His research interests were focused on aquaculture management collaborated with colleagues to analyze shrimp farming production and bio-security, to find raw materials substituting fish meal in feed, to review aquaculture impacts on Indonesian fish biodiversity. He recently completed research project supervised by Prof. Graham C. Mair (Flinders University) to find the best methods for quantification sand content in the surf cockle as the introduction research for de-sanding cockles in Australian cockle industry in 2016.

In the scientific society network, since 2016 he has been registered as the member of Australian Society for Fish Biology. In this year’s IRD, Kurniawan collaborated with Didik Agus Suwarsono (Master of Environmental Management student, Flinders University) and Vitas Atmadi Prakoso (MMAF Researcher) will elaborate on global maritime fulcrum (GMF) vision based on aquaculture perspective. This study will reveal the challenges and alternative solutions of Indonesia aquaculture development in supporting GMF vision.

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4th Indonesia Research Day Panelist: Aryani Tri Wrastari

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Starting today, GoLive Indonesia will introduce the 2017 Indonesia Research Day Panelist lineup. Similar to previous years, these panelists have been through a competitive selection process based on their abstract submission highlighting on-going research about Indonesia.

Aryani Tri Wrastari is currently doing her PhD study in the School of Education at the University of Adelaide. She is a lecturer at the School of Psychology, Airlangga University in Surabaya – East Java. Her major of study is in educational psychology, with specialisation in learning, assessment, and research. She graduated her bachelor degree from clinical psychology in School of Psychology at Airlangga University, and continued her master degree in Educational Research, Assessment and Evaluation at Flinders University of South Australia.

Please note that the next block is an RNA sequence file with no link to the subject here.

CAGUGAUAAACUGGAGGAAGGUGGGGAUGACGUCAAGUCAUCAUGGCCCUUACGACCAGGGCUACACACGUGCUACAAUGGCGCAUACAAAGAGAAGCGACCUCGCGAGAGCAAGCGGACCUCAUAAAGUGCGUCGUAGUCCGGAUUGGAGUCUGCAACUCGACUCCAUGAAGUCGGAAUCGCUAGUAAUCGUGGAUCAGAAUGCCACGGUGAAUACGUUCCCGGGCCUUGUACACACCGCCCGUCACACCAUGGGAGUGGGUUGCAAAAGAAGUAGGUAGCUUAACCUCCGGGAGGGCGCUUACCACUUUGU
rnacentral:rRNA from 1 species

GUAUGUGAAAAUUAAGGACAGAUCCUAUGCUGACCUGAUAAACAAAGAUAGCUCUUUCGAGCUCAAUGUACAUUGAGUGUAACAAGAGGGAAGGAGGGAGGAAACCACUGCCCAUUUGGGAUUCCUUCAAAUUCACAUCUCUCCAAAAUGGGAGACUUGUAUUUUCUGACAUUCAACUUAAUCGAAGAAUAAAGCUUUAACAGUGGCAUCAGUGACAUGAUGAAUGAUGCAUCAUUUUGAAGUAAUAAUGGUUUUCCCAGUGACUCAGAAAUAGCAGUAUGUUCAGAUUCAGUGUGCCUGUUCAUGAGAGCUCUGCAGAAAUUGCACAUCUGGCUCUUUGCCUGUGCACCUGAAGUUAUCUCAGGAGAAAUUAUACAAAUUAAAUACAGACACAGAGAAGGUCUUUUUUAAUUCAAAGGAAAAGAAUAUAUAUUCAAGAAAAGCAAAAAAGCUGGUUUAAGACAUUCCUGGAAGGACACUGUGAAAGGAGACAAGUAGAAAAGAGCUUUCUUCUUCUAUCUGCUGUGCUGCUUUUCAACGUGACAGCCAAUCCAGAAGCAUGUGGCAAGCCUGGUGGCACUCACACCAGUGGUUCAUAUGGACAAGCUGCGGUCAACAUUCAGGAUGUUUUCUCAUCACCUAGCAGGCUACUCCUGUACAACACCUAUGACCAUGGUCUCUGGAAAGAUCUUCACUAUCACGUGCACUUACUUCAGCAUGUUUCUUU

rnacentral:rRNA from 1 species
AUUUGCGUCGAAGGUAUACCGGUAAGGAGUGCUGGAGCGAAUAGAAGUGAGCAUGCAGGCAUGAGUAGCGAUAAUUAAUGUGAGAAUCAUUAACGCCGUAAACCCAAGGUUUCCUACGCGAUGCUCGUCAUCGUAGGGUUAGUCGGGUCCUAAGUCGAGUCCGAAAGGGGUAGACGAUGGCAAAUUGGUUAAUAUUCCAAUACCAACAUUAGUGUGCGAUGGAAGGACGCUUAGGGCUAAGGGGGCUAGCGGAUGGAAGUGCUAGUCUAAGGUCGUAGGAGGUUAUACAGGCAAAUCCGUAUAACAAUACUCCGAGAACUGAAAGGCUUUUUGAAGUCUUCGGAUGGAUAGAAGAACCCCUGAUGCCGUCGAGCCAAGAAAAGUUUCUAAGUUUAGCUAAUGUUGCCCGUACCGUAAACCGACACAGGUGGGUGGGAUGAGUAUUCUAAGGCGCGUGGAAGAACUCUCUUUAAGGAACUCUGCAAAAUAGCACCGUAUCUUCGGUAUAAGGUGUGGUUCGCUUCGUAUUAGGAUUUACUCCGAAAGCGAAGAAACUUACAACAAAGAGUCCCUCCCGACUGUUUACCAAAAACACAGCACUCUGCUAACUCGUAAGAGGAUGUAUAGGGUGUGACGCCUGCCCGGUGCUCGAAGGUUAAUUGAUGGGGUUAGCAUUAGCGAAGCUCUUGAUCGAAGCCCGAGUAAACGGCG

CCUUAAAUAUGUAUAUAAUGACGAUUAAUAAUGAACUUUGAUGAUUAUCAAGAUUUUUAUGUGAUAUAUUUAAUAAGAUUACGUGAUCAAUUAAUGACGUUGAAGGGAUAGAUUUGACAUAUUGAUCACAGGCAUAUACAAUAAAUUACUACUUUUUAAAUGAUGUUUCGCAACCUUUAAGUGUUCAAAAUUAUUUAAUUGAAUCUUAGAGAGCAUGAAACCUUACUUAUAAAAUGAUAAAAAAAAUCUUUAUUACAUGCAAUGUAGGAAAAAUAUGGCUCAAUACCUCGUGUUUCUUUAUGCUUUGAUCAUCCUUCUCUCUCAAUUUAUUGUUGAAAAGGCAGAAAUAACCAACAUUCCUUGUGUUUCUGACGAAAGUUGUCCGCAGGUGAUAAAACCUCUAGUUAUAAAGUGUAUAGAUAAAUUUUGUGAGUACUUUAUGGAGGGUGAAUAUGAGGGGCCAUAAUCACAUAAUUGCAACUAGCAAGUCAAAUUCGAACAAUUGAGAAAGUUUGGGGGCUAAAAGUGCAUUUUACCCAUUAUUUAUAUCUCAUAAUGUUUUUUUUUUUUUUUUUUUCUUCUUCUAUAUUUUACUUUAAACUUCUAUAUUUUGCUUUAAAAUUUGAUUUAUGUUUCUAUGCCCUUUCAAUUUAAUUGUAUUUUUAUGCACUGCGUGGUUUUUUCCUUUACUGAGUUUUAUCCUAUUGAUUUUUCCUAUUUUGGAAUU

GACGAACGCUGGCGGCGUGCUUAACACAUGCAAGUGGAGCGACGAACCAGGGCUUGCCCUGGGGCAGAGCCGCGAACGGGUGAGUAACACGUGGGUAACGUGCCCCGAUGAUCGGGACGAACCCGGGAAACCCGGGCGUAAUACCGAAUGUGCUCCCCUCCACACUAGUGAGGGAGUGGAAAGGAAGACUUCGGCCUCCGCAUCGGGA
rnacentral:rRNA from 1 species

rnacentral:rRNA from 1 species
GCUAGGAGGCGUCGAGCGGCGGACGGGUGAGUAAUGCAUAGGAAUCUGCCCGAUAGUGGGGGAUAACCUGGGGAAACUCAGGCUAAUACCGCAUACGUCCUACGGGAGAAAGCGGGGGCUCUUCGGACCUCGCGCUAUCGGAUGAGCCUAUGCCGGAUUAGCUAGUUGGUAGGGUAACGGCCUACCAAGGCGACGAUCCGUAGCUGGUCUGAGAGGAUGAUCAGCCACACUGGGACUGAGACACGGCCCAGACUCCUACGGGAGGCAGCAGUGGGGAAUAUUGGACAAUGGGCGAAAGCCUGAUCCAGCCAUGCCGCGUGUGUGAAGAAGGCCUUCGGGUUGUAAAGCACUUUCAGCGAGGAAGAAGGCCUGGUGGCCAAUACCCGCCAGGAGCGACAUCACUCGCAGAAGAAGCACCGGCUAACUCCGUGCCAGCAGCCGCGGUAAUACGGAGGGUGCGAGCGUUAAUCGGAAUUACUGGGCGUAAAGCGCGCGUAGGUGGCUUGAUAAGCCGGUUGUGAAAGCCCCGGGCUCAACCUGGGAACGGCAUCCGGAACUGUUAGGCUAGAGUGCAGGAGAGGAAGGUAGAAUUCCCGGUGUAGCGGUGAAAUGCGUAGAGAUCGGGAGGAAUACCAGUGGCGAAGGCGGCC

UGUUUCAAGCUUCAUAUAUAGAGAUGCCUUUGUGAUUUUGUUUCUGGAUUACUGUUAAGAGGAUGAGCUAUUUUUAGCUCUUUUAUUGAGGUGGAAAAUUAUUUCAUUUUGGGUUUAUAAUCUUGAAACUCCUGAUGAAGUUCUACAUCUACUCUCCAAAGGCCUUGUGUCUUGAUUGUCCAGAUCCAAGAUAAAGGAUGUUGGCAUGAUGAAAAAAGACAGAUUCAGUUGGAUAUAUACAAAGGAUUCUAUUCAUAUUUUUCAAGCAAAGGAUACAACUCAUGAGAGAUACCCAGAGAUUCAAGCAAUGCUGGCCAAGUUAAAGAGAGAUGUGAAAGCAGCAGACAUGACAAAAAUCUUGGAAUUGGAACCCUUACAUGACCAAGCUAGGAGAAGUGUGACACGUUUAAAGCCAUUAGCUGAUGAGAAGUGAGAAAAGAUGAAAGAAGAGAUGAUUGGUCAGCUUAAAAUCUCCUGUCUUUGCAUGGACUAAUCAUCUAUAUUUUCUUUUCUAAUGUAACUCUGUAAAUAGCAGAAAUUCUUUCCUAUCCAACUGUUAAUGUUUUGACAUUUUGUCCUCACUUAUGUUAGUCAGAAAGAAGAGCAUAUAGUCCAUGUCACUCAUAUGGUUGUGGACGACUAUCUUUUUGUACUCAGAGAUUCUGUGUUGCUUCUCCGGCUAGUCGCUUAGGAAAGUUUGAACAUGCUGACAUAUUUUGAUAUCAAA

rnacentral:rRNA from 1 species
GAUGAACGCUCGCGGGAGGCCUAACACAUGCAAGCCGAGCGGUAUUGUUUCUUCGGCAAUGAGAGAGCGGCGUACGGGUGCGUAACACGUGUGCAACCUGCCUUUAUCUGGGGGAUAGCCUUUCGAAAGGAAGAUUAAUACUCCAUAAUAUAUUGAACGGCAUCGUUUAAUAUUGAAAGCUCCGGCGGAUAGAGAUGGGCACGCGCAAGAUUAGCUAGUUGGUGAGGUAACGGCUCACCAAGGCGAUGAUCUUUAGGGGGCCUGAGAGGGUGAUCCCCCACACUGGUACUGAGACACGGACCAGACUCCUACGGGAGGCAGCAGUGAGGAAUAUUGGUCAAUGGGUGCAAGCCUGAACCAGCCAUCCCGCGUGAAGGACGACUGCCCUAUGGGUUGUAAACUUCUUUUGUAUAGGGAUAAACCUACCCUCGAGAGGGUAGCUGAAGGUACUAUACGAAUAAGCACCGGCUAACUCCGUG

Adult Learning Theory has been her biggest concern in research and teaching, as she has conducted numerous research, publications and teaching within related theory. Her master degree research investigated on how teachers in poverty context engaged in professional learning using the theoretical framework of Adult Learning Theory. The research resulted in a range of learning factors that promoted and hindered teacher learning in disadvantaged context. One of the potential factor was religion, yet the research suggested that this factor was not powerful enough to help teachers to engage in a transformative learning, a learning that could bring change their school context.

Her PhD research topic is a continuation from her previous research, exploring how teacher’s religious and spiritual meaning making could bring transformative impact on their pedagogical practices. She will present this topic in the 4th Indonesia Research Day.

Aryani is a mother of a lovely three years old daughter and a wife of a culinary lover husband. Having her family staying with her in Adelaide is the greatest support a student-mother could have, and she is enjoying every single moment of her PhD life as a meaningful spiritual journey.


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The 4th Indonesia Research Day – 7 April 2017

GoLive Indonesia proudly presents the 4th Indonesia Research Day (IRD). This year, our IRD will be held on April 7th, 2017 at Ingkarni Wardli Level 7 Conference Room, North Terrace Campus, The University of Adelaide.

We’ve got some marvelous speakers lined up and will introduce them in the following weeks. Make sure you register to secure your spot via this link .

Details provided in the flyer below. Looking forward to hosting you in April!

4th IRD Golive Flyer_OVR-01


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Indra Kiling on CAUSINDY 2016

GoLive Indonesia enthusiast, Indra Kiling, was selected as one of CAUSINDY 2016 Indonesian Delegates. Here he shares his experience during the conference in Bali.


2016 is the second year of my Ph.D program, where I put most of my mind and time in gathering requisite data in West Timor to complete my postgraduate studies. Early this year, GoLive Indonesia coordinator, Gracia Girsang, advised me to consider applying for Conference of Australian and Indonesian Youth (CAUSINDY) 2016. I spontaneously thought that applying was a terrible idea for a father with one child that hardly can be classified as a young person. But after I checked on the Conference’s background, past delegates, and activities, I decided that this one is worth a shot.